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Butterflies

M.C. Escher experimented in various prints with transforming and converging shapes. Early examples of this are Development I (1937) and Development II (1939), Day and Night (1938), Sky and Water I (1938) and II (1938), Verbum (1942) and Metamorphosis I and II (1937 and 1939-1940). In these prints, objects and animals change from one recognisable form to another (transform) or they merge into an end form or end point (converge). He often managed to combine these two principles in a single print, for example in the wood engraving Butterflies from June 1950.

Nevertheless, he had already effected a combination of transformation and convergence in the aforementioned pieces. In Butterflies, Escher endeavoured to infuse the print with character by having the butterflies all differ from each other. He had done this before in the woodcut Sun and Moon (1948), a tessellation of birds that are all different.

What is striking about Butterflies is that the movement of transformation and convergence is limited here. The print is based on a spiral pattern in which the changes take place along a curved line. The most logical form in this regard is a circle or a square, where the spirals run from the centre to the edge in all directions. In Butterflies it seems as if he has only depicted a fragment of the overall shape. It would be interesting to see what that print would look like if the transformation were to take place in all directions. He would go on to perfect this spiral shape in the prints Path of Life I (1958), II (1958) and III (1966). Key to these path of life prints is the growth from infinitely small to large and back to infinitely small.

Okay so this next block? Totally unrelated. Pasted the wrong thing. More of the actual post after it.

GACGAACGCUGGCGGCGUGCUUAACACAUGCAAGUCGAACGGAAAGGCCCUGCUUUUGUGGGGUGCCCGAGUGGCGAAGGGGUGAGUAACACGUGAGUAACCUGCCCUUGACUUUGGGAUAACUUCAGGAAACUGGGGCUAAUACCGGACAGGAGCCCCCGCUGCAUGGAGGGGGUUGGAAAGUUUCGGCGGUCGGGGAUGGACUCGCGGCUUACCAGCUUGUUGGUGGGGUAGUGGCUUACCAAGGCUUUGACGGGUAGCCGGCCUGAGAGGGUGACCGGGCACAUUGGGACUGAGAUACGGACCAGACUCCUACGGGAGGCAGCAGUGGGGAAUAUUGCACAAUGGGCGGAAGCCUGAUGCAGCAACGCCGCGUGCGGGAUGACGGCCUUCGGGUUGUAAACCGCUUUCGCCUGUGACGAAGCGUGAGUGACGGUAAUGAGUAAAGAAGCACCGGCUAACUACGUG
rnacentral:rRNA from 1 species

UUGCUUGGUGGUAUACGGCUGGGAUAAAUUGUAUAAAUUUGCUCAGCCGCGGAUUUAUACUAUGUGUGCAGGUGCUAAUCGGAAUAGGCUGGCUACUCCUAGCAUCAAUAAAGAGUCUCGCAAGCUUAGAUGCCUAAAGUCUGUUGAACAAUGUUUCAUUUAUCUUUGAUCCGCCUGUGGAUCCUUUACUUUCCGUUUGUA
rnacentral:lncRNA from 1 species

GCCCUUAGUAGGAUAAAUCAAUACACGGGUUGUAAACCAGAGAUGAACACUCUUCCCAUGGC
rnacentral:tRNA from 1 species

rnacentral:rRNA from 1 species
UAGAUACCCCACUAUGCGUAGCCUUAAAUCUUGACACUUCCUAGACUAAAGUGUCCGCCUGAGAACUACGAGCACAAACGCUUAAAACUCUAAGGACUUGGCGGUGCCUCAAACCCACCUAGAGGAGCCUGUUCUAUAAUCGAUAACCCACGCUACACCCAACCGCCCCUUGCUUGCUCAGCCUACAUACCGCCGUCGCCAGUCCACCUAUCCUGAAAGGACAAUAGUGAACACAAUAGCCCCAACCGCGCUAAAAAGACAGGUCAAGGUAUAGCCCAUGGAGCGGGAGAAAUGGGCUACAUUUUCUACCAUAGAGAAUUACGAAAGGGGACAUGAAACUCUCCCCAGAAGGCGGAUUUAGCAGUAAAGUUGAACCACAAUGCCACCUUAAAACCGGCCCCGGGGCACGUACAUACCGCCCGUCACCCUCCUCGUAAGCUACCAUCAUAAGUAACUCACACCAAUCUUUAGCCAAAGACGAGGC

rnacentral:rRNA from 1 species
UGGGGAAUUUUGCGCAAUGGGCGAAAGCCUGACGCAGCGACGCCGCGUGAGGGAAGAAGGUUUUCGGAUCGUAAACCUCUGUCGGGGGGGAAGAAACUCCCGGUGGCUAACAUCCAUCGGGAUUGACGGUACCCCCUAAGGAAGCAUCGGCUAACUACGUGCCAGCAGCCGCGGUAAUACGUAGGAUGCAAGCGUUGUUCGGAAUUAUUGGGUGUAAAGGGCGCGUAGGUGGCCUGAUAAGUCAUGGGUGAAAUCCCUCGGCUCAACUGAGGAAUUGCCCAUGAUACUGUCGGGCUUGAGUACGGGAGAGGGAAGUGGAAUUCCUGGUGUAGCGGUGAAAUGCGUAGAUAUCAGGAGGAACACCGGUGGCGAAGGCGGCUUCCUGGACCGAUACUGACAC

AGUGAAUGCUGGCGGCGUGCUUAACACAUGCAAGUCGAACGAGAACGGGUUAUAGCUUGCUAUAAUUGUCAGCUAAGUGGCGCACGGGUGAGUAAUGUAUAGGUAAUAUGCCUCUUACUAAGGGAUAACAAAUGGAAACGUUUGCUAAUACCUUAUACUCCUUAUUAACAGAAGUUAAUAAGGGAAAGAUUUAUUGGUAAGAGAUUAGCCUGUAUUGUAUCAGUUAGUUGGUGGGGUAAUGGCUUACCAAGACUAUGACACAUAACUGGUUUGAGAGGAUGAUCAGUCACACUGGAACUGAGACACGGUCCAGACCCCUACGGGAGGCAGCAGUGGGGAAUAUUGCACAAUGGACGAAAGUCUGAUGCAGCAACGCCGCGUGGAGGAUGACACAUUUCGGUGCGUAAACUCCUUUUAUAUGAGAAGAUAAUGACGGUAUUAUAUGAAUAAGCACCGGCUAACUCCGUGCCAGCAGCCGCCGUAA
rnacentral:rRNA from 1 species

M.C. Escher. Path of Life I, woodcut in red and black, printed from two blocks, March 1958
M.C. Escher. Path of Life II, woodcut in grey-green and black, printed from two blocks, March 1958

Escher explored working with curved lines in more detail in Up and Down (1947) and House of Stairs (1951). Here the perspective lines are bent and he uses multiple vanishing points. In 1956 this led to his masterpiece Print Gallery, in which sight lines and perspectives terminate in a white surface along a dizzying spiral.

M.C. Escher, Sun and Moon, woodcut in blue, red, yellow and black, printed from four blocks, April 1948
M.C. Escher, House of stairs, lithograph, November 1951

Source

[*] The Magic Mirror of M.C. Escher, Bruno Ernst, Taschen, 1976/2018, page 107

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